I am a retired physician and an emeritus professor of medicine. I also have Alzheimer's disease.
Before my diagnosis, I was certainly familiar with the disease, having seen patients with Alzheimer's over the years in my internal medicine practice. But I was slow to suspect my own affliction.
Now that I've been diagnosed, I can trace my problems back some 10 years, to when I was 76. I had been chairing a monthly program in medical ethics, and I knew most of the speakers and found it easy and enjoyable to introduce them. Then, suddenly, I found I had to rely on prepared material to make the introductions. I started to forget names, though never faces. These kinds of lapses are common in aging brains, so it was easy for me to write them off to "senior moments"...
Since my improvement, I have developed a list of insights I'd like to share with others facing memory problems.
•Carry a small book and write notes whenever there's something you want to recall later.
•When you cannot remember a name, make a joke and ask the person to repeat it, then write it down.
•If you cannot walk, exercise in bed.
•Draw and paint.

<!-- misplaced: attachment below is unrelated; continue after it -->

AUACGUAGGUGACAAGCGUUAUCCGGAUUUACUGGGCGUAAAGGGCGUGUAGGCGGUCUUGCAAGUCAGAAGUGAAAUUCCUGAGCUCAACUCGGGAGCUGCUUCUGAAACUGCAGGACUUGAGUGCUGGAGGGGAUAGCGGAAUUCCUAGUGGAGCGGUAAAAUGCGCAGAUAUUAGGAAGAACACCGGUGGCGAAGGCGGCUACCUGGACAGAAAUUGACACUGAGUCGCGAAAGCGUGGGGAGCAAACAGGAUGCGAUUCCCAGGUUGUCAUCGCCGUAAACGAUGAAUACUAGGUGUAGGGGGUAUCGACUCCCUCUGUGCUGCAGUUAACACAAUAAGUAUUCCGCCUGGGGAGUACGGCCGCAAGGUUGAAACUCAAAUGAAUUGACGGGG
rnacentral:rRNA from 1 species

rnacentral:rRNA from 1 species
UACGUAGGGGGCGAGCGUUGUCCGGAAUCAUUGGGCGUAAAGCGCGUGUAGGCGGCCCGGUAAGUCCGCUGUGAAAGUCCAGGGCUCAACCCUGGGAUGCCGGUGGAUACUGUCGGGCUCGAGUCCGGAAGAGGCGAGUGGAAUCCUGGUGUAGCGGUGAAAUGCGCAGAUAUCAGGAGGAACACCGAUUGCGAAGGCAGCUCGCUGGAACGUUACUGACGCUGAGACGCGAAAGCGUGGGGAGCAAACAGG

•Garden, if you can.
•Do puzzles and games.
•Try new things.
•Organize your day.
•Learn to prepare food, eat, dress, wash and go to bed in an efficient way.
•Eat a healthful diet that includes fish twice a week, fruits and vegetables and omega-3 fatty acids.
•A reliable and good-humored book on a serious subject is "The Memory Bible" by Dr. Gary Small.
Don't withdraw from your friends and your family. This is advice I had to learn the hard way. Afraid of being pitied, I tried to keep my condition a secret, and that meant pulling away from people I cared about. But now that I've decided to be open, I've been gratified to see how accepting people are and how willing to assist.
For the full-length story, go to http://articles.latimes.com/2010/jun/27/opinion/la-oe-adv-rivin-alzheimers-20100627
Alzheimer's A Caretakers Journal
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